Book Review : "The Climb," by Chris Froome (and David Walsh)

After climbing a great hill, one only finds that there are many more hills to climb

-- Nelson Mandela

(From the dedication page of "The Climb")

THE climb on Mt. Ventoux

“The Climb,” is Chris Froome’s autobiographical account of his journey on-and-off the bike from his early childhood to being his successful 2013 season. The title is apt, for it not only represents his greatest strength on the bike, but also neatly captures his life on a macroscopic as well as microscopic scales. The Climb is not just a feel-good story of a young kijana from Kenya who dreamt of racing in the fabled European circuits someday; and then worked his way from the bottom to the very top of the peloton; it is also a very frank documentary of the harsh conditions that aspiring cyclists endure in underdeveloped parts of the worlds. That one Chris Froome succeeded in achieving his dream, underscores the reality of countless others who fell by the way for lack of will, resources, training or any of the numerous intangibles that make one person succeed beyond all expectations. 

Comparing "The Climb" to the more recent autobiographical narratives to come out of the British Cycling factory, Froome's narrative is the closest to an actual autobiography. Instead of a chronological list of racing accomplishments, or a compressed view into the personal space of the champion rider, this is as complete a story of a pro-rider that we can get - with all the personal baggage discussed in a very frank yet personal style. 

The book is divided into three parts - (a) Froome's childhood in Africa, (b) Early pro-racing years in Europe, and (c) Riding the Tour for Team Sky. 

The three parts are quite separate in their emphasis and takeaway messages. The first part, in Africa, is quite informative with respect to the social environment and (lack of) infrastructure for building a good biking culture in the more underdeveloped parts of the world. It also gives a window into a very different upbringing and environment (pythons for pets, anyone?), glimpses of which can still be found in the way Froome rides his races. Here is a childhood not without its levity and innocence, but tempered with some harsh realities of life, race (no pun intended) and social-political issues that only a child can find so difficult to grasp. Included is, of course, the infamous email "hack" - although the way Froome explains it, it was less a hack and more an invitation - and the disastrous time trial that followed. 

Froome's early years in the pro-peloton form the bulk of the second section.  His frequent tumbles on the bike (earning him the moniker "Crash Froome"), the Italian style of managing a team, and a struggle to fit into a world where tradition was sacrosanct when it came to training - left a deep impression of how things should not be done. Although he had sporadic success with stage wins and good standings in the continental races, it was not until 2010 when he came aboard Team Sky that things began to look up.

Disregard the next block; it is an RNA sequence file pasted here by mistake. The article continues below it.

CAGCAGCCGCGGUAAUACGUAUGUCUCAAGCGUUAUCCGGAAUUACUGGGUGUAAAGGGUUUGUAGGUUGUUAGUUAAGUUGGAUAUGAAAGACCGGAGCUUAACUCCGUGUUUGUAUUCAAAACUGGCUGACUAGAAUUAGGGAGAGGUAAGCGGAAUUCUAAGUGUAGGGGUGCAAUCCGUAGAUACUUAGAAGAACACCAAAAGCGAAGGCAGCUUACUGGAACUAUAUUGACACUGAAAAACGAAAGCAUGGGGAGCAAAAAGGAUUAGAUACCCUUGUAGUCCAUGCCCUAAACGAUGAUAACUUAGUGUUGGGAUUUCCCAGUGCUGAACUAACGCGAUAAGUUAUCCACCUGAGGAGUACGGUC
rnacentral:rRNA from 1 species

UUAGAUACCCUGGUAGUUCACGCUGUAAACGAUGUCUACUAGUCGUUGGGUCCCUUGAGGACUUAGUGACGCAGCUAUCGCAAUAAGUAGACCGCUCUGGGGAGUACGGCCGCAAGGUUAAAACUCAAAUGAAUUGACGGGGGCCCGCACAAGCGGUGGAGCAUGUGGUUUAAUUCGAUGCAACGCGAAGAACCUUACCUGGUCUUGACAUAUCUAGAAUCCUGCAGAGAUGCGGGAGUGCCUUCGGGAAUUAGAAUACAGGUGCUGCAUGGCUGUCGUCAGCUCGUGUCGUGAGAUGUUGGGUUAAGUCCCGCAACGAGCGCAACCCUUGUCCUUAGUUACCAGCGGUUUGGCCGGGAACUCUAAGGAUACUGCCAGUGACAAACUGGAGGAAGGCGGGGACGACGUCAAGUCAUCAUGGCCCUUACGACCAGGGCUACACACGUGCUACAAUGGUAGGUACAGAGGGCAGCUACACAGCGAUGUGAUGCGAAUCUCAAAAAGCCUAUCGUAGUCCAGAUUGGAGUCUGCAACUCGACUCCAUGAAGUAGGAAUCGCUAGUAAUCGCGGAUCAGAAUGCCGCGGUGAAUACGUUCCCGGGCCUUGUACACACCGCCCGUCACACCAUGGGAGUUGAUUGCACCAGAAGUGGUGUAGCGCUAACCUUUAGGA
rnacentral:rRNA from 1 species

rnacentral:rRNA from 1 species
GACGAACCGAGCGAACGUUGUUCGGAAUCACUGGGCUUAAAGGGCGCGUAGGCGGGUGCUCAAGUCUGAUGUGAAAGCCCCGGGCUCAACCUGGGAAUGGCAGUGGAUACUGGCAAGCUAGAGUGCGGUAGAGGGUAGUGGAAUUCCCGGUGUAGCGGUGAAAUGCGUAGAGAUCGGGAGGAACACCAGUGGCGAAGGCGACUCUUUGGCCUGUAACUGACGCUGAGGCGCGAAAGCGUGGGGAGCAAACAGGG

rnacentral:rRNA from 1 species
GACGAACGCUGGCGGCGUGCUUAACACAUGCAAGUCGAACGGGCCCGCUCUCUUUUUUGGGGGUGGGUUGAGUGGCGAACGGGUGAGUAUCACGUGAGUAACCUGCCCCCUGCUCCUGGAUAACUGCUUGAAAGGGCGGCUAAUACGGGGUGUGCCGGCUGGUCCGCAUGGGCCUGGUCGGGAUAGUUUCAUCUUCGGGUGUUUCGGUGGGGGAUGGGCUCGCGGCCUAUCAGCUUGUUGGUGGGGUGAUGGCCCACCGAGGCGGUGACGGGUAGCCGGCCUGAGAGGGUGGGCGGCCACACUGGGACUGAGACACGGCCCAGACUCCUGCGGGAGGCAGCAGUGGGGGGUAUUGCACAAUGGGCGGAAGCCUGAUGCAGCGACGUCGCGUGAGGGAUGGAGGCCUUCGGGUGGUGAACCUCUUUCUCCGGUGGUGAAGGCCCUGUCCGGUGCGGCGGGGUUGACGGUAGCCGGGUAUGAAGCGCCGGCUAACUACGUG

The third section of the book describes his years riding the Tour for Team Sky, first as a bidon-carrier for the rest of the guys, then as a super domestique when his climbing ability was 'discovered' (along with the bilharzia parasite - which he was cured off) and finally, as a champion in his own right in the 2013 tour. Froome does not tiptoe around the controversial tours of 2012 and 2013. He provides his account of the 'rivalry' with Bradley Wiggins. The rivalry is portrayed not as a fierce battle for team control a la Lance-Contador in the 2009 tour, but more as a misunderstanding between two introverted teammates. Froome, however, was not the only one in the team who felt uncomfortable around Wiggins - the entire team dynamics changed once Wiggins had moved out of the picture as a tour contender. Mark Cavendish comes off as a sympathetic figure who found an ally in Froome during the 2012 tour (both riders were looking for more opportunities in the face of Plan A - Wiggins). Contador and Quintana are afforded some respect, although Froome does not hesitate to point towards Contador's recent suspension due to contaminated steak!

David Walsh serves as the dutiful scribe to Froome’s narrator, documenting every step of the journey in a way that can easily connect with the readers. This in itself is a major plus for the book. Walsh weaves an intricate narrative in the form of an exciting tale that engages the reader’s attention from the first pages! The destination of this well-known and overly-scrutinized journey is not the suspense, it is the journey itself that is more intriguing than most would assume. Written in a very lucid form through the eyes of the protagonist, even a daily training ride through the back-lands of Kenya takes on a dimension of a personal struggle to overcome much larger circumstances. There are instances when the ghostwriter shines through with some immaculate, if unneeded, information pertaining to bike races and their history - but that also adds to the charm of the story told through two very different voices.

In conclusion, Froome & Walsh have taken a lump of coal from the African mines and transformed it into a gleaming stone worthy to be put into a winner’s crown.